3-Baxter settles with families of dialysis patientsNov 28, 2001 | Reuter U.S. health care products manufacturer Baxter International Inc. (nyse: BAX - news - people) on Wednesday said it agreed to pay a total of $2.89 million to the families of 10 Spanish patients who died after kidney dialysis treatment using Baxter products that have been blamed for the deaths of more than 50 people worldwide.
The announcement came three weeks after the company said it had identified a probable link between its Althane blood filters, or dialyzers, and certain patient deaths.
Each of the 10 families will receive 55 million pesetas, or about $289,000. Settlements in wrongful death cases in Spain usually range between 20 million and 60 million pesetas.
Baxter spokeswoman Sally Benjamin Young declined to comment on whether Baxter was considering settlements with other families of patients who died, but she said, "We have a strong interest in working with these families."
Analysts said they expect Deerfield, Illinois-based Baxter to settle all outstanding cases as soon as possible.
Bruce Cranna, an analyst with ABN Amro, said $289,000 per family "struck me as slightly low, but it varies by geography."
He added, "You can't use that figure to extrapolate domestic liability. They'll settle the U.S. cases for more than that."
Kenneth Moll, the Chicago-based attorney who filed the first lawsuit against Baxter two weeks ago, called the settlement "totally inadequate."
"It's not fair that the people in Spain should get such a minuscule amount," he said. "We want to treat each claimant the same around the world."
Moll said the cases should settle for $2 million to $15 million each, excluding punitive damages.
U.S. STILL INVESTIGATING DEATHS
U.S. health officials are investigating deaths linked to Baxter kidney dialysis filters in Germany, Croatia, Italy, Colombia, Taiwan and two U.S. states, Texas and Nebraska.
In a recent interview with Reuters, an official with the U.S. Food and Drug Administration said he believed Baxter's filters were linked to the deaths. The number of deaths is believed to be 51 to 53.
Earlier this month, Baxter determined that a fluid used in manufacturing the filters appeared to play a role in the deaths of more than 50 people, 11 of whom were in Spain. The dialyzers filter toxins from the blood of kidney patients.
At that time, Baxter said it had ceased production of the Althane dialyzers, recalled the product and closed production plants in Ronneby, Sweden, and Miami Lakes, Florida.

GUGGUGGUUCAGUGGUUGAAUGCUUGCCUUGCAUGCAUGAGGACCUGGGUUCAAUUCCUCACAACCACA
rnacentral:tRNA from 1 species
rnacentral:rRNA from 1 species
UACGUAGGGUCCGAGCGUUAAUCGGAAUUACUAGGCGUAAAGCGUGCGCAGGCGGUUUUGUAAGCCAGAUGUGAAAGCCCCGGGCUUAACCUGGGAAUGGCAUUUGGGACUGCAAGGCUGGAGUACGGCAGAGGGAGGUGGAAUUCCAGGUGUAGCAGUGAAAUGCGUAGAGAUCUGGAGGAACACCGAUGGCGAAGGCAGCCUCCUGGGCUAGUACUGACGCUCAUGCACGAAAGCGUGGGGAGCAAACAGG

It also said it would take a fourth-quarter charge of up to $150 million to cover discontinuing the product line, legal expenses and all other related costs.
Baxter said it has not been contacted by anyone representing the 11th Spanish kidney patient who may have died as a result of treatment with the dialyzer.
The 10 families with whom the company reached a settlement have asked Spanish authorities to drop a criminal investigation into the matter, Baxter said.
"It was a fair agreement," a Spanish lawyer told Reuters.
But under Spanish law, a public investigation related to the suits could continue, lawyers said.
Baxter said it has not been served with a lawsuit filed by the Spanish government. It said the settlement does not preclude the government from pursuing legal action.
CROATIAN GOVERNMENT HAS NOT SUED
The Croatian government has not sued Baxter and has not indicated that it will, although Ana Stavljenic Rukavina, who stepped down as Croatia's health minister after the dialysis scandal, said she would file a private suit.
The Croatian government has offered to assist the families of the deceased by offering information and legal support.
"It is in the government's interest that each family finds the best solution, and it must be decided by (the families) and their lawyers," a Croatian government official told Reuters.
Benjamin Andrew, an analyst with William Blair & Co., said he did not expect Baxter to incur additional charges as a result of settlements with families, and he noted that settlements would probably be for smaller amounts in Croatia, where about 40 percent of the deaths occurred.
"This is not a bad number," ABN Amro's Cranna said of Baxter's settlement. "Investors don't like uncertainty. They always like to see the beginning of the end, and I think that's what we're seeing here."
Bucking the trend in the broader market, Baxter shares, were up 99 cents to $50.51, about 9.5 percent off their peak of $55.90 set in late September.